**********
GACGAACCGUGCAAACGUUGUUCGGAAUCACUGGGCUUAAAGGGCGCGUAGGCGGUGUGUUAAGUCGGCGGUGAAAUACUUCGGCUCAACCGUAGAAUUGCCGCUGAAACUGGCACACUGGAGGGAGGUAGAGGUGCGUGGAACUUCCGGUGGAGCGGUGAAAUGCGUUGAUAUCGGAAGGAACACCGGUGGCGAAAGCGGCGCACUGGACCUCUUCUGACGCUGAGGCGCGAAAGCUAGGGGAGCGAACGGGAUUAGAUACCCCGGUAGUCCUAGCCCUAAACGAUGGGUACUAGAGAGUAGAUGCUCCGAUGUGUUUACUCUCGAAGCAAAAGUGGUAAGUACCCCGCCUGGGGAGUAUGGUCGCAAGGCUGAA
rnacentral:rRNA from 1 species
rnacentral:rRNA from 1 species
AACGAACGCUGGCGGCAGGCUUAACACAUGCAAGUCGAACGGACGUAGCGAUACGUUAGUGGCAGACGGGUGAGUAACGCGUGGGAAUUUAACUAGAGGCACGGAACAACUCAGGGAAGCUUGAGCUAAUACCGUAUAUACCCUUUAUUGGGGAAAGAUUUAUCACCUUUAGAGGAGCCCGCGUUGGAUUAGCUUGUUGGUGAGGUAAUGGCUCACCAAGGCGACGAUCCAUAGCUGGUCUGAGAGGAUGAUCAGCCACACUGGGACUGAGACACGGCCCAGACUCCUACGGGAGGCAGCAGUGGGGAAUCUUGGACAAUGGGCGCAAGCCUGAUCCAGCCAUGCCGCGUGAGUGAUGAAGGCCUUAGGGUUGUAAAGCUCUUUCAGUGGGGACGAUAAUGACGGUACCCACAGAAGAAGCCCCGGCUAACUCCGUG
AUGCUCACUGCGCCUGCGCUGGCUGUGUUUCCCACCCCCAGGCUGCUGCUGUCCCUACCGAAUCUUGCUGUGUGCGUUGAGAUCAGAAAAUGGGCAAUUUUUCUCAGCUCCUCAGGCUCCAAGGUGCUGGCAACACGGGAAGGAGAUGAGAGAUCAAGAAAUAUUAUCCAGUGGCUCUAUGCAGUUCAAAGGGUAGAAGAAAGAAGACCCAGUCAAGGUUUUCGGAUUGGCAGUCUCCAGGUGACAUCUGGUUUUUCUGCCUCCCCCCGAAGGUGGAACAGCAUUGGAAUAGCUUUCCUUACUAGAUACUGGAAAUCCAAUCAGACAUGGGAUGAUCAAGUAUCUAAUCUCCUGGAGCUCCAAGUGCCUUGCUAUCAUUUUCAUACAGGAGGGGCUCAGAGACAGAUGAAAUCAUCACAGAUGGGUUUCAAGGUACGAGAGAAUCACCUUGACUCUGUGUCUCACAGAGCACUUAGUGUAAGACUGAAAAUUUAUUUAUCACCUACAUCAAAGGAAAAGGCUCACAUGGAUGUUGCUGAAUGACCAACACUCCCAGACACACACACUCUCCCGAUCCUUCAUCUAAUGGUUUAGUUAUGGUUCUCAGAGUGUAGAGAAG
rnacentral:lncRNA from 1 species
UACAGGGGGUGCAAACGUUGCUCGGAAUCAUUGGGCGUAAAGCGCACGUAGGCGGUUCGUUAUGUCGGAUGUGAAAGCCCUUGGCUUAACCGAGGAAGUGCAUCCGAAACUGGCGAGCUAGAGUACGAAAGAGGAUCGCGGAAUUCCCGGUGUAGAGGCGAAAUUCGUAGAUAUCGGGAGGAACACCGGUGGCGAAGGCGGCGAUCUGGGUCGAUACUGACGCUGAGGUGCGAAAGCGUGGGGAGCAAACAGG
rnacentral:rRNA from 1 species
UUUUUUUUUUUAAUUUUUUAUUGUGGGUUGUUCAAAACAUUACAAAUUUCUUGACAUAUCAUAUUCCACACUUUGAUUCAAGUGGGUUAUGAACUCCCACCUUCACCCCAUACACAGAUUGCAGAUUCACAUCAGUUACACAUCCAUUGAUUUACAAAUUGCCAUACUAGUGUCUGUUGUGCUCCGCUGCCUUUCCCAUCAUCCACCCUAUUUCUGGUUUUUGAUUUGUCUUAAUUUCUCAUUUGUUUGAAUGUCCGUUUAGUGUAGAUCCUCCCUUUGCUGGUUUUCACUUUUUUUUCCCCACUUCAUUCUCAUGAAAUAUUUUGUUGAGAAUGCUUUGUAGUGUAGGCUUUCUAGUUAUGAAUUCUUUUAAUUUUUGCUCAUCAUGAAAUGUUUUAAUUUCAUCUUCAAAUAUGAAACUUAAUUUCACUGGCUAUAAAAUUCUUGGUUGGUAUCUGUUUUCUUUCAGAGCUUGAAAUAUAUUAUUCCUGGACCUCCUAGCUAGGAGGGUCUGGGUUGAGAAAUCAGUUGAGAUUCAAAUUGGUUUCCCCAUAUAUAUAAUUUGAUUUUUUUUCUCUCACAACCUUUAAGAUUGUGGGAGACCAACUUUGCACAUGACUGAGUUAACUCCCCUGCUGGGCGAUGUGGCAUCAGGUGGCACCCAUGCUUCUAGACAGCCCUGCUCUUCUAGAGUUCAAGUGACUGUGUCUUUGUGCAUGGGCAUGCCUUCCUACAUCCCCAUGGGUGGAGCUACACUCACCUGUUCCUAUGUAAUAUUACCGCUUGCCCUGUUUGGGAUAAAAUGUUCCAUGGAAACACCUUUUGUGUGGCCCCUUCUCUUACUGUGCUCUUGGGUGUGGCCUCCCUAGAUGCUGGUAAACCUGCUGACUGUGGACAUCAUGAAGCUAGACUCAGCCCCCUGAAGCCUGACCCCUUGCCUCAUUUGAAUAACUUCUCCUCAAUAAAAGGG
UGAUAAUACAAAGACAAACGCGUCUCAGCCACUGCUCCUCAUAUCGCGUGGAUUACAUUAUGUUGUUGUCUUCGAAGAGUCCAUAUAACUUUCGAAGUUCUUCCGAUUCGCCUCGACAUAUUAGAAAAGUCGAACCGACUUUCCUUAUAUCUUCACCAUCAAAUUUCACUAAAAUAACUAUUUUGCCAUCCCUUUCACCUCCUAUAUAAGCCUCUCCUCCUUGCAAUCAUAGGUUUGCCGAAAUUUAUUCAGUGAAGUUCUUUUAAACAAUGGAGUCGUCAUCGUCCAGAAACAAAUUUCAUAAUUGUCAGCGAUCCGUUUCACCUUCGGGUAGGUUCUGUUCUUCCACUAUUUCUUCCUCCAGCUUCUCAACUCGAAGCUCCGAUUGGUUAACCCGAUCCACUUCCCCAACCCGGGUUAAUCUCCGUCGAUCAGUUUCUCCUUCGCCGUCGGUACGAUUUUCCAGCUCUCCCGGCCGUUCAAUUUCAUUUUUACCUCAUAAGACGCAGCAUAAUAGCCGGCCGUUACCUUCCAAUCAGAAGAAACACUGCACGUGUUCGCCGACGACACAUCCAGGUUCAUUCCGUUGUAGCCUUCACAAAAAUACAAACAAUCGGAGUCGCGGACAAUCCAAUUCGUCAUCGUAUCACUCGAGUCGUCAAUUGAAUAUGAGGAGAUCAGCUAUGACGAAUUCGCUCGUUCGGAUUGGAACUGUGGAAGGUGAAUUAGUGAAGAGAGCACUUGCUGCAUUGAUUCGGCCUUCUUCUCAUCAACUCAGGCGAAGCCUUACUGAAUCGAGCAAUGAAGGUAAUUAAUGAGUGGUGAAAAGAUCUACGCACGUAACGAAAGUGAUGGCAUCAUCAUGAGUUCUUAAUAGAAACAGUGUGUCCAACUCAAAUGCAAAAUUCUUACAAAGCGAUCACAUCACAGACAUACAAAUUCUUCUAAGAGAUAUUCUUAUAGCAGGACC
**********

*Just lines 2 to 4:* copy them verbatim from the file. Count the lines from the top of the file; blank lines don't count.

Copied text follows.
rnacentral:rRNA from 1 species
rnacentral:rRNA from 1 species
AACGAACGCUGGCGGCAGGCUUAACACAUGCAAGUCGAACGGACGUAGCGAUACGUUAGUGGCAGACGGGUGAGUAACGCGUGGGAAUUUAACUAGAGGCACGGAACAACUCAGGGAAGCUUGAGCUAAUACCGUAUAUACCCUUUAUUGGGGAAAGAUUUAUCACCUUUAGAGGAGCCCGCGUUGGAUUAGCUUGUUGGUGAGGUAAUGGCUCACCAAGGCGACGAUCCAUAGCUGGUCUGAGAGGAUGAUCAGCCACACUGGGACUGAGACACGGCCCAGACUCCUACGGGAGGCAGCAGUGGGGAAUCUUGGACAAUGGGCGCAAGCCUGAUCCAGCCAUGCCGCGUGAGUGAUGAAGGCCUUAGGGUUGUAAAGCUCUUUCAGUGGGGACGAUAAUGACGGUACCCACAGAAGAAGCCCCGGCUAACUCCGUG